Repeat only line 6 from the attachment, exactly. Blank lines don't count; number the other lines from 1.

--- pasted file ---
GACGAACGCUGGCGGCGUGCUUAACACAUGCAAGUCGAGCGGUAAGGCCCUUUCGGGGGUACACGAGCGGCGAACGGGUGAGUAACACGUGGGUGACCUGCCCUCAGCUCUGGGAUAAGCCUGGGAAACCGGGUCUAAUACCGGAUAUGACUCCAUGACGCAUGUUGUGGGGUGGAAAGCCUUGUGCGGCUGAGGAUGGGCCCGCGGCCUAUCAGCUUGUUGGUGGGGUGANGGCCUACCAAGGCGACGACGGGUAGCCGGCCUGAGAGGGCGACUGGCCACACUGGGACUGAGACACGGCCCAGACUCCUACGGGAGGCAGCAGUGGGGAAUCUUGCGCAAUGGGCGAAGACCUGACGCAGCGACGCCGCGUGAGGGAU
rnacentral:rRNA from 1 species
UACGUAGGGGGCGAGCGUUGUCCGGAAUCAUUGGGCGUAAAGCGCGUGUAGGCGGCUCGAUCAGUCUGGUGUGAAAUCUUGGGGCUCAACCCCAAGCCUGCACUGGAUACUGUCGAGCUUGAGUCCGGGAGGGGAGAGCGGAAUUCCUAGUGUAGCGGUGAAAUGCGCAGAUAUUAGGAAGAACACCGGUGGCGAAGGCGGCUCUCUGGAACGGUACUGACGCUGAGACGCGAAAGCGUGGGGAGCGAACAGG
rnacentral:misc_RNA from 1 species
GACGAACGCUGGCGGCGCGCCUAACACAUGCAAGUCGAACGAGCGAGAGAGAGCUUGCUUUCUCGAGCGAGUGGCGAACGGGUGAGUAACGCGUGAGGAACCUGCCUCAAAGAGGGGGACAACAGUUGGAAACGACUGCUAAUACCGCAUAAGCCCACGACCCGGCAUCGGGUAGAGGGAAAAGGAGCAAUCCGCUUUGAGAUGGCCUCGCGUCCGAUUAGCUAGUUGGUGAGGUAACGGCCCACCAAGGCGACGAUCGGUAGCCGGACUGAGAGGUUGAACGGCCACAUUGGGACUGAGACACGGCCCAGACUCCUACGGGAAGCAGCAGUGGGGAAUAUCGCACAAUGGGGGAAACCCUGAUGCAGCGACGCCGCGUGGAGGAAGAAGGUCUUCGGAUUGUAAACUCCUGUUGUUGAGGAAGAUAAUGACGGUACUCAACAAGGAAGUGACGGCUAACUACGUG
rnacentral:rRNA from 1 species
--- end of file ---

rnacentral:rRNA from 1 species